Speaker Dean Hartwell wrote on his blog that sessions weren’t as effective as they should have been because of the decision not to hire professional audio-visual people. He also reacted to Fetzer’s handling of the conference:
“But worst of all, when we needed a demonstration of discussing differences of opinion politely, we received instead a display of bullying by the leader of the conference toward Barbara Honegger and Clare Kuehn. … I walked out at that point and did not return, missing the last three speakers.”
It’s unfortunate that the final session on Sunday began to break down into bickering, with Fetzer arguing with (and scolding) Webster Tarpley for minimizing the role of Israel in 9/11 during the final Q & A.
“You’re a one-trick pony,” Fetzer said to Tarpley.
“You’re hysterical,” Tarpley shot back. “This is quite a spectacle you’ve got going on here,” he added. “We have a belligerent and unhinged host.”
I didn’t mind the dispute over substance, but Fetzer was the host and he should have stayed out of the discussion. What happened to MCs Greg Felton and Jack Etkin?
While that was a low point, for the most part the diversity was refreshing and positive – whether I was listening to a speaker I agreed with or not. It seems the sky hasn’t fallen and the Truth movement hasn’t been destroyed by the fact that some controversial topics were addressed.
We had speaker Christopher Holmes who presented the September Clues, video fakery, angle. The majority of truthers reject this position, but I had no problem with hearing it presented. Everyone was and is free to believe or not believe anything that was presented. No one from the New York Times rushed in and said, “Aha, we knew you guys were all loony!”
One thing that Holmes addressed (that I enjoyed) was the on-air TV interview that Theresa Renaud (wife of CBS producer Jack Renaud) did with Bryant Gumbel on the morning of 9/11. She was describing having seen an explosion in the first tower and added, “I don’t know what caused it, or if there was an impact.” Suddenly, she exclaims, “Oh there’s another one, another plane just hit! Oh my God, another plane has just hit another building! It flew right into the middle of it! Explosion!”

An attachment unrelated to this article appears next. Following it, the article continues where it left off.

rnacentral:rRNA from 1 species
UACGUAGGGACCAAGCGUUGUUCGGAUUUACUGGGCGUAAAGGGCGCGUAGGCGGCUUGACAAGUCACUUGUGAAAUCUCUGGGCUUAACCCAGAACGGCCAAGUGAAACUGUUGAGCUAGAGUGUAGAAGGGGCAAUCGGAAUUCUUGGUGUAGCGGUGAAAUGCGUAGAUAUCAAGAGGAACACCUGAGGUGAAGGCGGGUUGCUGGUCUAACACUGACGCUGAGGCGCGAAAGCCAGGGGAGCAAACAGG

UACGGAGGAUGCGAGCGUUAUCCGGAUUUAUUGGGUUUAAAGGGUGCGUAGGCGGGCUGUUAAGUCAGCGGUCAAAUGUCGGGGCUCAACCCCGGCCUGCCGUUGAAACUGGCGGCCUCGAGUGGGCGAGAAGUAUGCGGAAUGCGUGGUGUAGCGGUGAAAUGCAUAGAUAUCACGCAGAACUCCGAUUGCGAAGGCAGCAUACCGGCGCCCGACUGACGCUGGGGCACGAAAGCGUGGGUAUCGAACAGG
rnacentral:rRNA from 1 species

I wrote about this in 2010 and my opinion hasn’t changed; she was scripted.
The Honegger/Fetzer clash was really interesting. Honegger (who spoke Friday night) asked a question of Fetzer about the “missile” video clip that Fetzer showed during his talk on fakery and fraud in the official story of 9/11.
Honegger referred to her own position that there was an impact by some kind of aircraft near the heliport of the Pentagon several minutes before Flight 77 is supposed to have crashed there. (She says the craft banked to the left with the left wing hitting the heliport landing pad).
Fetzer broke in saying that he made a point to invite speakers with diverse opinions but her case did not stand up.
“Your evidence for plane impact is flimsy and insubstantial,” he said.
“No, it’s not,” she retorted. As she got more animated, (this reminded me a lot of her exchange with Aldo Marquis of CIT on the February 9/11 Truth Teleconference call).
“I think you’re being abusive,” Fetzer said as Honegger argued with him. “I think you’re clearly mistaken.”
So was it all worth it? For me it was. I didn’t mind hearing presenters offering conflicting positions on what happened on 9/11 and who was behind it. But it did reinforce for me that we can all do the movement a favour by devoting less energy and time to attacking “fringe” theories on the basis that their existence will bring ridicule. That’s the same approach being used by those who want the Pentagon evidence ignored.
Yes, the danger of ridicule is there. But there is just as great a danger in attacking each other endlessly over what will do harm to our credibility. It’s not so much exotic positions and theories that we have to worry about, it’s those who are chipping away at some of our strongest and most agreed upon evidence like the faked plane crashes at the Pentagon and Shanksville.